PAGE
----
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As the cost of academic journals continues to rise, institutions and individual scholars are increasingly at risk of losing access to leading research. Time is running out to break this dangerous cycle. This white paper brings together key literature and insights from 5 expert open access (OA) advocates to survey the journal publishing landscape and explore ways research can affordably be made OA. The paper argues the keys to an OA future are: decentralization of the journal market, online-only publishing, and democratization of article production via services.

The paper overviews:

  • The past and present state of journal publishing
  • Current alternatives to the corporate publisher model
  • Steps to realize sustainable, open access-friendly journal models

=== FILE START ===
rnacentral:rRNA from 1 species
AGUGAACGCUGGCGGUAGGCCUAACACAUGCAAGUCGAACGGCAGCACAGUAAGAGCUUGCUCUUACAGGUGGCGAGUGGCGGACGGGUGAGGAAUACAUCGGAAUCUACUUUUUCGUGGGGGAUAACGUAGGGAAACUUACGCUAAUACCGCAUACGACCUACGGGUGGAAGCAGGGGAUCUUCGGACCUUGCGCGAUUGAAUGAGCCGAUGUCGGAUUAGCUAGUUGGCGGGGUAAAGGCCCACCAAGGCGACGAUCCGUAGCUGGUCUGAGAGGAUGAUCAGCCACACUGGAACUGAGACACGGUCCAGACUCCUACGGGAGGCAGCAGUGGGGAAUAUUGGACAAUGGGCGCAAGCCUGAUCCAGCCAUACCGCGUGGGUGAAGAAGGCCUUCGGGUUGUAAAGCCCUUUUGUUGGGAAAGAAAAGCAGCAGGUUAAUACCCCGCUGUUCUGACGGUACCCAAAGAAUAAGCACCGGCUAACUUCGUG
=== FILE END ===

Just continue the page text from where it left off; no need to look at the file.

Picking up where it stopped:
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Source: A 21st Century Solution to the Serials Crisis: White paper

A Guest Post from CCC – Top 5 Resources on Transformative Agreements – OASPA

From Chuck Hemenway in Open Access Scholarly Publishers Association Blog:

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Transformative Agreements are a popular topic of conversation these days – but do you ever feel like you need a quick refresher course on the topic? Read, watch, or listen to the items below for a deeper practical understanding of Transformative Agreements, fast.

1. “TRANSFORMATIVE AGREEMENTS: What are transformative agreements?” from ESAC Initiative

Transformative Agreements are those contracts negotiated between institutions (libraries, national and regional consortia) and publishers that transform the business model underlying scholarly journal publishing, moving from one based on toll access (subscription) to one in which publishers are remunerated a fair price for their open access publishing services.
Bonus: Browse ESAC’s Agreement Registry for summaries of dozens of recent Transformative Agreements.

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Source: A Guest Post from CCC – Top 5 Resources on Transformative Agreements – OASPA

Pursuing a new kind of “big deal” with publishers | Inside Higher Ed

From Lindsay McKenzie in Inside Higher Ed: